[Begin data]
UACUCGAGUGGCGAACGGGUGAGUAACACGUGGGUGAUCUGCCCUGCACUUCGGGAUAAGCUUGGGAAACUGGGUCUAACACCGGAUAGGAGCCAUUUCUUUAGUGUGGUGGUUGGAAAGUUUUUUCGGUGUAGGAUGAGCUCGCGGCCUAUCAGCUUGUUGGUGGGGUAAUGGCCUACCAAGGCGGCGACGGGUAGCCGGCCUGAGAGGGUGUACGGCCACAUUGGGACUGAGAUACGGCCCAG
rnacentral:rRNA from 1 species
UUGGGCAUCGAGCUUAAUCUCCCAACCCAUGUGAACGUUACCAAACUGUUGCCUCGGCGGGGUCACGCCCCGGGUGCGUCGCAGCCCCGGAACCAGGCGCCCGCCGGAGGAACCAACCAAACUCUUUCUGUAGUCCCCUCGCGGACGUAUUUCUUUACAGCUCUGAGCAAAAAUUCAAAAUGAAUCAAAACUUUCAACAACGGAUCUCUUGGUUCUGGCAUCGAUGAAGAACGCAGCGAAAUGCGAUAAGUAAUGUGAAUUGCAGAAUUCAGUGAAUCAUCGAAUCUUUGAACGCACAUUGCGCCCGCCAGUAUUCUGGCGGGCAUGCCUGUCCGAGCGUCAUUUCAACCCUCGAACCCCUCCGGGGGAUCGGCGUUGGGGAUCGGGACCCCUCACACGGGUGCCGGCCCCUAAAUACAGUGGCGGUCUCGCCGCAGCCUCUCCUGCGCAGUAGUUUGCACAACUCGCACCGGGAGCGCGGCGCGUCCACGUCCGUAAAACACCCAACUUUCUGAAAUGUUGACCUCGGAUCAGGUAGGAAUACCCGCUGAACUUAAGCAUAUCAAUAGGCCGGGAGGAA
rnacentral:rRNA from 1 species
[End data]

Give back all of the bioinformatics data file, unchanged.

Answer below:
UACUCGAGUGGCGAACGGGUGAGUAACACGUGGGUGAUCUGCCCUGCACUUCGGGAUAAGCUUGGGAAACUGGGUCUAACACCGGAUAGGAGCCAUUUCUUUAGUGUGGUGGUUGGAAAGUUUUUUCGGUGUAGGAUGAGCUCGCGGCCUAUCAGCUUGUUGGUGGGGUAAUGGCCUACCAAGGCGGCGACGGGUAGCCGGCCUGAGAGGGUGUACGGCCACAUUGGGACUGAGAUACGGCCCAG
rnacentral:rRNA from 1 species
UUGGGCAUCGAGCUUAAUCUCCCAACCCAUGUGAACGUUACCAAACUGUUGCCUCGGCGGGGUCACGCCCCGGGUGCGUCGCAGCCCCGGAACCAGGCGCCCGCCGGAGGAACCAACCAAACUCUUUCUGUAGUCCCCUCGCGGACGUAUUUCUUUACAGCUCUGAGCAAAAAUUCAAAAUGAAUCAAAACUUUCAACAACGGAUCUCUUGGUUCUGGCAUCGAUGAAGAACGCAGCGAAAUGCGAUAAGUAAUGUGAAUUGCAGAAUUCAGUGAAUCAUCGAAUCUUUGAACGCACAUUGCGCCCGCCAGUAUUCUGGCGGGCAUGCCUGUCCGAGCGUCAUUUCAACCCUCGAACCCCUCCGGGGGAUCGGCGUUGGGGAUCGGGACCCCUCACACGGGUGCCGGCCCCUAAAUACAGUGGCGGUCUCGCCGCAGCCUCUCCUGCGCAGUAGUUUGCACAACUCGCACCGGGAGCGCGGCGCGUCCACGUCCGUAAAACACCCAACUUUCUGAAAUGUUGACCUCGGAUCAGGUAGGAAUACCCGCUGAACUUAAGCAUAUCAAUAGGCCGGGAGGAA
rnacentral:rRNA from 1 species